If not, do it again.
Prompts. Creative writing exercises start with prompts. So can your first drafts. Sure, it won’t be perfect, but it will be a beginning. And you can’t finish if you don’t start.
Sometimes ideas are right in front of you.
One day last fall, I walked into a local park. I left my phone in the car. I had no agenda.
Then it happened.
I heard the birds sing and I immediately stopped in my tracks.
I listened. Were they talking to each other? What were they saying? Was there a melody to their songs?
When I got back home, I did some research.
I didn’t get all the answers I was looking for, but more than I would have if I had just walked through the park, checked my phone, and not paid attention.
Hearing those birds prompted a post on Medium. That day in the park helped me realize that I had an authentic writing voice. It’s inspired others to find theirs, too.
Talk to People and Ask Questions
What do you see in your life that could be improved? Can you learn if you stop and observe? What if there’s more than one answer to the questions you have?
Write about that.
Talk to people.
I’m in many writers groups.
The best way to grow there is to talk to people. Ask a question. Have coffee over Skype (or in-person if you can). Start a small discussion group to go deeper into a relevant topic.
You’ll learn far more talking than you will just standing on the sidelines watching. If you want to know what works, do something. Better, do it with a few others. Compare notes. Do more experiments.
The hidden truth will come out and reward your persistence.
Then you can share your hard-won knowledge with others.
When you lift others, you lift yourself.
Shake Things Up
Sometimes writers get into ruts.
You write about the same thing week after week. You get bored.
Then your readers get bored and stop reading.
Don’t let that happen.
Shake things up. Write somewhere new. Use a paper and pen if you usually type. Write in the afternoon if you habitually write in the morning. Write poetry if you typically write essays.
Challenge yourself to stay fresh.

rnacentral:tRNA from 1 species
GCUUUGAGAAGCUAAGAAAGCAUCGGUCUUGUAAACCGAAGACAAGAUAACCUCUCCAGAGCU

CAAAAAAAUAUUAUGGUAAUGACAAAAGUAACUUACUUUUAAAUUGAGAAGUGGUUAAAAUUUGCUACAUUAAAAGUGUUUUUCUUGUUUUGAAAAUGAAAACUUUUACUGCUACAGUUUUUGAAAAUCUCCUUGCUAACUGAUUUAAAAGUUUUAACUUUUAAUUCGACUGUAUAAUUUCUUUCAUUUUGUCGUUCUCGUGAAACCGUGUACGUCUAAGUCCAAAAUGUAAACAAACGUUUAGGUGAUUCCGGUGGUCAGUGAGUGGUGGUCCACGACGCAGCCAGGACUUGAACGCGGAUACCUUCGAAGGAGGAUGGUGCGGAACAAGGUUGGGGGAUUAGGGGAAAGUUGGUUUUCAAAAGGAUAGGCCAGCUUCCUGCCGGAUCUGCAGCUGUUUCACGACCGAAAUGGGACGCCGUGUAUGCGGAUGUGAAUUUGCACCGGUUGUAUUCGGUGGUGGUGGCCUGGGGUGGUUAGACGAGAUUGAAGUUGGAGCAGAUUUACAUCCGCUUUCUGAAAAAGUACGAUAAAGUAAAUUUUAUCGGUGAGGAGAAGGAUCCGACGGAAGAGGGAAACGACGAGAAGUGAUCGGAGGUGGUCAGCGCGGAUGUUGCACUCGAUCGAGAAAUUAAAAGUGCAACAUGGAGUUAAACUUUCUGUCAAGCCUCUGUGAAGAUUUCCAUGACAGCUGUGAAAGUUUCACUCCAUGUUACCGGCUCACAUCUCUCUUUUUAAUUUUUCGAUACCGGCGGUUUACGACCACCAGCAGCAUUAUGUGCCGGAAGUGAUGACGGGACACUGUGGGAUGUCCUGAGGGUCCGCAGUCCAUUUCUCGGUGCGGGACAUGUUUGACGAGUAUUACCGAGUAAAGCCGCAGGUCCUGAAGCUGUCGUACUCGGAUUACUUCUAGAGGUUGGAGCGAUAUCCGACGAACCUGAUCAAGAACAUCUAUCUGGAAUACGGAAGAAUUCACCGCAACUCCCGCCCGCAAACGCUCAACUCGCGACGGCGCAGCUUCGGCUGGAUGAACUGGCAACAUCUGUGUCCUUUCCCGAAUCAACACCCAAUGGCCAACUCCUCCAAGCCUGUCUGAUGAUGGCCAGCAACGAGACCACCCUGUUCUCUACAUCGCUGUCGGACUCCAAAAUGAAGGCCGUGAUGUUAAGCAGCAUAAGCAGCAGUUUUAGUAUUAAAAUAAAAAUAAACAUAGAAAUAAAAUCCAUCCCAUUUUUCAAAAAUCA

Do that, and you’ll always be interesting.
And you might come up with some more ideas to write about when you find more time.
Do Everything Faster
If you ever free write, you’ve worked against a deadline.
Why can’t you do that when you edit, too?
Figure out how long it usually takes to get a well-polished draft. Time yourself a few times and take the average.
Then use the average to limit the time you edit your next post.
Why do this?
Editing is like drawing. You can spend forever adding details. You can smooth and erase yourself into oblivion. Spend too long on your work, and you’ll ruin it.
The timer stops you before you polish the life out of your writing.
Is this dangerous?
Only if you think your work will ever be perfect.
It won’t be.
Settle for effective instead. You do that by deciding what you want your words to do before you write them.
Take a long, hard look at your excuses. Tell yourself you don’t have time, and you won’t look for any.
If you struggle to find the time, look for pockets in the time you have now. What can you give up that doesn’t serve you? Can you write on your breaks? Can you get up earlier or stay up later?
Start with 15 minutes. Do that for a few days. Then add 5 or 10 minutes. Increase it regularly until you forge a habit that you can keep no matter what.
If you’re not capturing ideas when they come, buy a pocket-sized notebook and pen to record them. When you write, you can flesh them out.
Don’t let the size of a project scare you. Break it into these five parts:
1. Observe. Spend a little time watching what’s happening in front of you.
2. Brainstorm. Take what you see and explore the possibilities.
3. Draft. Write your first impressions as quickly as you can.
4. Polish. Refine your draft into something that grabs readers’ attention and holds it until the end.
5. Publish. Submit or share your work so others may benefit.
Now go unleash the writing genius sleeping inside your busy schedule.
Two Drops of Ink: The Literary Home for Collaborative Writing
Bio: Frank McKinley